Revising after that initial dump of creativity is hard, but a few techniques exist as a starting point when facing the seemingly insurmountable task of turning — as Jessica puts it — your beloved dumpster fire into the brilliant gem it’s destined to become.
The end goal of any editing is to leave the writer excited to develop and strengthen their work with your comments while giving them the critiques they need to polish their work. Arwyn shares five things they always do when editing someone’s work.
Imagine this, you’re sitting in your favorite writing space, frantically scribbling on the page until you finally see it, the words you’ve been waiting to see you since you began writing: “The End.” Reaching the end of a manuscript can be a thrilling, cathartic experience, but for many, it invokes new anxieties. In this article we’ll be addressing these concerns.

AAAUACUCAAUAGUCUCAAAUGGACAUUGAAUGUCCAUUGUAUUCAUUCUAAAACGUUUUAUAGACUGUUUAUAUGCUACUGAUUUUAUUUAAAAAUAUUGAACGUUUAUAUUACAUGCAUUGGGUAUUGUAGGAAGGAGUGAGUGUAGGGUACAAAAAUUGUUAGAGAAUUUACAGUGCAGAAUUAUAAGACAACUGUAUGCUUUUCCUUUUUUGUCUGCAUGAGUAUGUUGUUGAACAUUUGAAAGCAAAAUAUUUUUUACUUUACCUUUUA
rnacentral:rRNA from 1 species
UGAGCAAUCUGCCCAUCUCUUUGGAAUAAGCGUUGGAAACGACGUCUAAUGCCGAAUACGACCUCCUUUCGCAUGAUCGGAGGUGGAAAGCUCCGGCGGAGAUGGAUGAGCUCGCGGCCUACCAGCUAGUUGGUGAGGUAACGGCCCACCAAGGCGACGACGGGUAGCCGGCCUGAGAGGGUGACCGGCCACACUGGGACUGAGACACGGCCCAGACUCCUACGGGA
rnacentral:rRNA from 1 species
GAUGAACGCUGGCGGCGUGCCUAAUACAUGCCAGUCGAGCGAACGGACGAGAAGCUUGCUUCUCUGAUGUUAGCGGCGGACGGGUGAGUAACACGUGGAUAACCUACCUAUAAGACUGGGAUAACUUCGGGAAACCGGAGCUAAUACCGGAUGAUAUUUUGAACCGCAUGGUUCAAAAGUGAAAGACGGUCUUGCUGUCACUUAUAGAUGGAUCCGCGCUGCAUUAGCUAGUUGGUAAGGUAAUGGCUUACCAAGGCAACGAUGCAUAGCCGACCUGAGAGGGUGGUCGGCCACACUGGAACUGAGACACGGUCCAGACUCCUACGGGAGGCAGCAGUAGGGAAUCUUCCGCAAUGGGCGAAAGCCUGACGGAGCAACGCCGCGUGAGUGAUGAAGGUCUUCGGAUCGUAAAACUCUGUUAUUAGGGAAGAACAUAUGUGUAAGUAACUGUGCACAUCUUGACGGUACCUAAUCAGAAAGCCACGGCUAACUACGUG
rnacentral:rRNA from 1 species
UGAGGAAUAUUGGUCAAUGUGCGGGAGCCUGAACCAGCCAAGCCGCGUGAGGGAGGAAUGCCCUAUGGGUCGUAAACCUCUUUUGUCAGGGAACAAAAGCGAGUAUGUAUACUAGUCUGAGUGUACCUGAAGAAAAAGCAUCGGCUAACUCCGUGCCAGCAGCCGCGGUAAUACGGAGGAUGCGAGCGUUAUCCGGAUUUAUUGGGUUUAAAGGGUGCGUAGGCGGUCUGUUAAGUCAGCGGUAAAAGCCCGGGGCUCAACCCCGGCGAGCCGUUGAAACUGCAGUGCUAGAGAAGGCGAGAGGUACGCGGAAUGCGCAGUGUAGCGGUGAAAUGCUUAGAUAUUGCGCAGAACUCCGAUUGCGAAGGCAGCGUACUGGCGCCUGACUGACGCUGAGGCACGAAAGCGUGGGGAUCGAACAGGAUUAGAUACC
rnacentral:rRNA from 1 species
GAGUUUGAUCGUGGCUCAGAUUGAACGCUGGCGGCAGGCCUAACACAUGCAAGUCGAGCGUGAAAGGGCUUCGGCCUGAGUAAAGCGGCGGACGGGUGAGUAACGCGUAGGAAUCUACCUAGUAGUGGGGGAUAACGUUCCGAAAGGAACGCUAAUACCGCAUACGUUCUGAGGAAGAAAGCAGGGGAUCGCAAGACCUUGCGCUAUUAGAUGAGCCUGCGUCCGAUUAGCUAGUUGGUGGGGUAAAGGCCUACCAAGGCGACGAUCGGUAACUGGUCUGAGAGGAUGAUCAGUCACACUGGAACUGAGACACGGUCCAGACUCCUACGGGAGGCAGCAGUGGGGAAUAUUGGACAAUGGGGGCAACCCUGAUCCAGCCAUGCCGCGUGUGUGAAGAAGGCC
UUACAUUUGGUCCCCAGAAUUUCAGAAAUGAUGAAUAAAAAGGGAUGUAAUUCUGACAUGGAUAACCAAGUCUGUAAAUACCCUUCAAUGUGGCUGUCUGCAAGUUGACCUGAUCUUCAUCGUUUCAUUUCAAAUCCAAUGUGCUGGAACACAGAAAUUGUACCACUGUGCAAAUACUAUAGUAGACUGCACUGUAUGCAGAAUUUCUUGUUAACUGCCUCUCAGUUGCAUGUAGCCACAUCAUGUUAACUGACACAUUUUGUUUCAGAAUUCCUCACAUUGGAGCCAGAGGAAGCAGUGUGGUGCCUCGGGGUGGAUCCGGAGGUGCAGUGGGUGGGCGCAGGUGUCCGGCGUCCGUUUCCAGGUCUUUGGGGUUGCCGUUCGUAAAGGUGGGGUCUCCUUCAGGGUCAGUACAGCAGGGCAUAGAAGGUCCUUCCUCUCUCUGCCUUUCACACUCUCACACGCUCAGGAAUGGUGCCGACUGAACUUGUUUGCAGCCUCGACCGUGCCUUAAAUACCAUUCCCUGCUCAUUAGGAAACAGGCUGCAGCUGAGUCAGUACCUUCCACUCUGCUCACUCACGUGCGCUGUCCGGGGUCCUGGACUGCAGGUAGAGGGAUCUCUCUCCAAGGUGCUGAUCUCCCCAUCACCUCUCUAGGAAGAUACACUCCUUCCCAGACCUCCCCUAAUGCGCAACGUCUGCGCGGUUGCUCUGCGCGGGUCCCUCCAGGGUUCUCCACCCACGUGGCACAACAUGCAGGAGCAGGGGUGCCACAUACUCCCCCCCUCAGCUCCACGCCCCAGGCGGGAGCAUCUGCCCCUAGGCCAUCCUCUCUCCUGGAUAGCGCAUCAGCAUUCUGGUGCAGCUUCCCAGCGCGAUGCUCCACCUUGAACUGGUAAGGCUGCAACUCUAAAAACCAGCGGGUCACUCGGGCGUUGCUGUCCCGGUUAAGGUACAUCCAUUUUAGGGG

Other than a writer’s time, editing services can be one of the costliest purchases for a manuscript. However, paying an editor will increase your final project’s value. Whether you are considering hiring a copyeditor for your fifth published book, or you are halfway through your first experience with an editor, here are five steps to help you get the most value out of your editorial experience.
Congratulations! You’ve written your first draft, put it out of your mind for a few weeks (or months) and are prepared to dive back into edits. You’ve got your colored pens or highlighters at the ready; your characters eagerly await your return. But where to start?